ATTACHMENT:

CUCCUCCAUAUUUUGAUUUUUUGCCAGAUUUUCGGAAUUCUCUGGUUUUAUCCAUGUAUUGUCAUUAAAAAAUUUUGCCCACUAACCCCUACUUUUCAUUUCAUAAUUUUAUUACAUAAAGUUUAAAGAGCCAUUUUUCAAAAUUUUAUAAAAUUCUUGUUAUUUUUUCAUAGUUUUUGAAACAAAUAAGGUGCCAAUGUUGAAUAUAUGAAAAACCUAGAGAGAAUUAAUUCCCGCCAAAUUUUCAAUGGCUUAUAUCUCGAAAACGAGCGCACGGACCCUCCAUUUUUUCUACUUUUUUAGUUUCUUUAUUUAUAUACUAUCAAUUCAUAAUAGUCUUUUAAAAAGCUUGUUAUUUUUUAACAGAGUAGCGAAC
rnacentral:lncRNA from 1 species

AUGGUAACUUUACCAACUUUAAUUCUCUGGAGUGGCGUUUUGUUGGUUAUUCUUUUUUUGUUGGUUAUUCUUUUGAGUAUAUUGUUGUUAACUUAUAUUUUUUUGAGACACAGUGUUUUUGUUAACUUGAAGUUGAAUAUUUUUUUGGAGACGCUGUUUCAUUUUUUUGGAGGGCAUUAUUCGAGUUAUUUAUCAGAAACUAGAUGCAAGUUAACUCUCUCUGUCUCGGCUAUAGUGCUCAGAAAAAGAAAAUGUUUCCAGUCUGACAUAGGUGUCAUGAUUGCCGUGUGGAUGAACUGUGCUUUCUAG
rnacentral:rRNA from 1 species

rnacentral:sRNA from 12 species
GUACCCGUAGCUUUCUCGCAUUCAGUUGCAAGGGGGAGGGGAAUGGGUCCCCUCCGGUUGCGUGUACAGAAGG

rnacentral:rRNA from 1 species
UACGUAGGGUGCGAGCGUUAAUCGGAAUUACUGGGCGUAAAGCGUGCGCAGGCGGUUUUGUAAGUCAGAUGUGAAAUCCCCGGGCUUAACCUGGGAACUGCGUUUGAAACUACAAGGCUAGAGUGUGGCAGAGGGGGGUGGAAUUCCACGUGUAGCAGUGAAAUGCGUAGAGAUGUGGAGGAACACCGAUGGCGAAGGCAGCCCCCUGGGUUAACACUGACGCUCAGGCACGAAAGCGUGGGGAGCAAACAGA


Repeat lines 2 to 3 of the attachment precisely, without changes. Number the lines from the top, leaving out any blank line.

rnacentral:lncRNA from 1 species

AUGGUAACUUUACCAACUUUAAUUCUCUGGAGUGGCGUUUUGUUGGUUAUUCUUUUUUUGUUGGUUAUUCUUUUGAGUAUAUUGUUGUUAACUUAUAUUUUUUUGAGACACAGUGUUUUUGUUAACUUGAAGUUGAAUAUUUUUUUGGAGACGCUGUUUCAUUUUUUUGGAGGGCAUUAUUCGAGUUAUUUAUCAGAAACUAGAUGCAAGUUAACUCUCUCUGUCUCGGCUAUAGUGCUCAGAAAAAGAAAAUGUUUCCAGUCUGACAUAGGUGUCAUGAUUGCCGUGUGGAUGAACUGUGCUUUCUAG